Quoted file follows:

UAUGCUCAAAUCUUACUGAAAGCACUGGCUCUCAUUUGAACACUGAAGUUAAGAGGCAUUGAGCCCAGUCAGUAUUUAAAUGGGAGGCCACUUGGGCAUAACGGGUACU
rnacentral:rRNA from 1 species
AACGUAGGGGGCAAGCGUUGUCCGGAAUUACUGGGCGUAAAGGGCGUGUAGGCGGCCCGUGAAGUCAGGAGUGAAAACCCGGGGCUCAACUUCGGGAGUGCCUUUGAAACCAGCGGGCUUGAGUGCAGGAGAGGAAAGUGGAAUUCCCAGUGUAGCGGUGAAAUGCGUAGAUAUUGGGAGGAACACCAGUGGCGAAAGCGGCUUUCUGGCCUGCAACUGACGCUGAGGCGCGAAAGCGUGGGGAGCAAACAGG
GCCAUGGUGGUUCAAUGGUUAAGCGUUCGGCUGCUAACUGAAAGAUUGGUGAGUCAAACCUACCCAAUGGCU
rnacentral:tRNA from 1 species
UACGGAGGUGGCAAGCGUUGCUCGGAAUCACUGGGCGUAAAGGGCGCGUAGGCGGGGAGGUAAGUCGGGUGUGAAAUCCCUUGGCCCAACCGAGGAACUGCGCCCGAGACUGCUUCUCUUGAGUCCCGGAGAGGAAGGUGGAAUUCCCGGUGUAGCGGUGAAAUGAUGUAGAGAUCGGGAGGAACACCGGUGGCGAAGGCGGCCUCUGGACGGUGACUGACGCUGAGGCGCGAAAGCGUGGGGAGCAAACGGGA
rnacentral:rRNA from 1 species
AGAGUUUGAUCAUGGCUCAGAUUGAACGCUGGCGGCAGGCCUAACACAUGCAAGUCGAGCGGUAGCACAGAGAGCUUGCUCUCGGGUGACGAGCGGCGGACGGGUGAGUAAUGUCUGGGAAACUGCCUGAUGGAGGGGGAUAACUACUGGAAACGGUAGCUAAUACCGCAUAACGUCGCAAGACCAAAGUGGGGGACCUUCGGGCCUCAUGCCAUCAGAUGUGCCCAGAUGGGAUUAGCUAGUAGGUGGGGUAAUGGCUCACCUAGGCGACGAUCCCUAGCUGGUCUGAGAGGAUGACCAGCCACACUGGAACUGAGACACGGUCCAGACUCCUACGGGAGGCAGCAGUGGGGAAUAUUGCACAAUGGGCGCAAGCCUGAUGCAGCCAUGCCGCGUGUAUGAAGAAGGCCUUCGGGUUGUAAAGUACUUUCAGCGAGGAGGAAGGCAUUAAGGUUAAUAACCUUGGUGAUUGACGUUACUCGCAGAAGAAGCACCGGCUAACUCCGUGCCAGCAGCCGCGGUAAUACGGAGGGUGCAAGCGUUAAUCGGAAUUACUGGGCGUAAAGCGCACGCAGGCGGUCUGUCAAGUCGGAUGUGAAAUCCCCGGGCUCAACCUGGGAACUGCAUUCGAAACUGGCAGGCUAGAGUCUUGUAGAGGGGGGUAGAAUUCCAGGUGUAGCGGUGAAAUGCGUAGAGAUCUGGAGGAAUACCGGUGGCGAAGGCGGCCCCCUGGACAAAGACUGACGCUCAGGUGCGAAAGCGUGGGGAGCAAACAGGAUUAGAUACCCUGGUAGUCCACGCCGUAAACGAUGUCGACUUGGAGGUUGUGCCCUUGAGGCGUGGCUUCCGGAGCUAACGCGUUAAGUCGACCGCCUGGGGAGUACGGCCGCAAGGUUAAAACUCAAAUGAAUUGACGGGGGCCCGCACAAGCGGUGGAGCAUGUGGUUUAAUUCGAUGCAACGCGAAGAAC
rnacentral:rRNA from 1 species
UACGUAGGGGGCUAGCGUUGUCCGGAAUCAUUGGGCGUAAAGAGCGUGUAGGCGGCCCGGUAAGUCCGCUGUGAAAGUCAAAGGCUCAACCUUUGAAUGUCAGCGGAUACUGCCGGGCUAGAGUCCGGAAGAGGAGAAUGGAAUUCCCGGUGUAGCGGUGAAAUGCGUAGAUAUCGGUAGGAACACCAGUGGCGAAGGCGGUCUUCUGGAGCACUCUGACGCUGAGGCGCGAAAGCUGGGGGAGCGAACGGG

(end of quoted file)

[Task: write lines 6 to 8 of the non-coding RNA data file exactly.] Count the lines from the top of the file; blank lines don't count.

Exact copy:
UACGGAGGUGGCAAGCGUUGCUCGGAAUCACUGGGCGUAAAGGGCGCGUAGGCGGGGAGGUAAGUCGGGUGUGAAAUCCCUUGGCCCAACCGAGGAACUGCGCCCGAGACUGCUUCUCUUGAGUCCCGGAGAGGAAGGUGGAAUUCCCGGUGUAGCGGUGAAAUGAUGUAGAGAUCGGGAGGAACACCGGUGGCGAAGGCGGCCUCUGGACGGUGACUGACGCUGAGGCGCGAAAGCGUGGGGAGCAAACGGGA
rnacentral:rRNA from 1 species
AGAGUUUGAUCAUGGCUCAGAUUGAACGCUGGCGGCAGGCCUAACACAUGCAAGUCGAGCGGUAGCACAGAGAGCUUGCUCUCGGGUGACGAGCGGCGGACGGGUGAGUAAUGUCUGGGAAACUGCCUGAUGGAGGGGGAUAACUACUGGAAACGGUAGCUAAUACCGCAUAACGUCGCAAGACCAAAGUGGGGGACCUUCGGGCCUCAUGCCAUCAGAUGUGCCCAGAUGGGAUUAGCUAGUAGGUGGGGUAAUGGCUCACCUAGGCGACGAUCCCUAGCUGGUCUGAGAGGAUGACCAGCCACACUGGAACUGAGACACGGUCCAGACUCCUACGGGAGGCAGCAGUGGGGAAUAUUGCACAAUGGGCGCAAGCCUGAUGCAGCCAUGCCGCGUGUAUGAAGAAGGCCUUCGGGUUGUAAAGUACUUUCAGCGAGGAGGAAGGCAUUAAGGUUAAUAACCUUGGUGAUUGACGUUACUCGCAGAAGAAGCACCGGCUAACUCCGUGCCAGCAGCCGCGGUAAUACGGAGGGUGCAAGCGUUAAUCGGAAUUACUGGGCGUAAAGCGCACGCAGGCGGUCUGUCAAGUCGGAUGUGAAAUCCCCGGGCUCAACCUGGGAACUGCAUUCGAAACUGGCAGGCUAGAGUCUUGUAGAGGGGGGUAGAAUUCCAGGUGUAGCGGUGAAAUGCGUAGAGAUCUGGAGGAAUACCGGUGGCGAAGGCGGCCCCCUGGACAAAGACUGACGCUCAGGUGCGAAAGCGUGGGGAGCAAACAGGAUUAGAUACCCUGGUAGUCCACGCCGUAAACGAUGUCGACUUGGAGGUUGUGCCCUUGAGGCGUGGCUUCCGGAGCUAACGCGUUAAGUCGACCGCCUGGGGAGUACGGCCGCAAGGUUAAAACUCAAAUGAAUUGACGGGGGCCCGCACAAGCGGUGGAGCAUGUGGUUUAAUUCGAUGCAACGCGAAGAAC